Coinbase has made moves to become registered with the US Security Exchange Commission as a licensed brokerage firm and electronic-trading venue according to the Wall Street Journal.
Coinbase Seeks SEC Approval
The San Francisco based company is one of the largest platforms in the world for trading Bitcoin and other cryptocurrencies. It is currently valued at $1.6 billion according to the Wall Street Journal. The company declined to officially comment on its application, however the report indicates that Coinbase representatives have met with SEC officials in recent weeks to begin the process of registering with the agency. This step would allow Coinbase to add digital tokens that the SEC has ruled as securities and could up the ante for other crypto exchanges to follow suit and register as well.
For the SEC’s part, it has yet to decide which cryptocurrencies are to be considered securities. The Commision has recommended platforms and investors follow the Howey test, created by the supreme court in 1946, to determine whether a digital token can be considered an unconventional financial vehicle requiring the same regulations as stocks and bonds.
Many in the cryptocurrency world have remained hostile towards regulation in part because of its muddy definitions but Coinbase has been the platform that brought trading to the masses from its inception and strives to be “the Google of cryptocurrencies” as VP Dan Romero told Business Insider.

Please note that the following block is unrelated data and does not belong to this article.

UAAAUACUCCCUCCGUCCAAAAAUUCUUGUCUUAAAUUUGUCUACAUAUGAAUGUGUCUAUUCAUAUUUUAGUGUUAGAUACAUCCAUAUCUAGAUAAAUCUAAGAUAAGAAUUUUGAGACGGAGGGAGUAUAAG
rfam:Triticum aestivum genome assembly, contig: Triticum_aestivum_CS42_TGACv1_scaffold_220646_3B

Registering with the SEC would allow Coinbase to expand on the four coins it already lists – Bitcoin, Bitcoin Cash, Litecoin, and Ethereum.
Coinbase President Wants Clear Regulations
Coinbase President Asiff Hirji spoke to CNBC about the disparity in regulatory certainty saying that,
“As soon as there is more regulatory clarity than there currently is you would expect us to start listing more assets.”
Currently, the company’s policy is to only list tokens it judges stable as opposed to the bulk of alternative coins in the market that remain volatile and subject to intense price fluctuations.
Though Coinbase today is making the effort to conform to SEC regulatory requirements it has only recently run afoul of Federal authorities.
Just last year the company fought the IRS on its demand that they release information on customers who had profited from trading through their exchange. Ultimately Coinbase was forced to hand over that information on 14,000 customers who had made transactions amounting to over $20,000 between 2013 and 2015.
If and when Coinbase is registered as a broker it will only be allowed to offer tokens which have already been registered for sale with the SEC by their issuers. This would require token issuers providing investors with documents that give full financial disclosure, a move that can be avoided if sales are limited to institutions.
One other company has registered with the SEC as a brokerage firm. Templum LLC operates as a licensed brokerage firm and alternative trading system that has plans to offer a platform for selling and trading regulated tokens.
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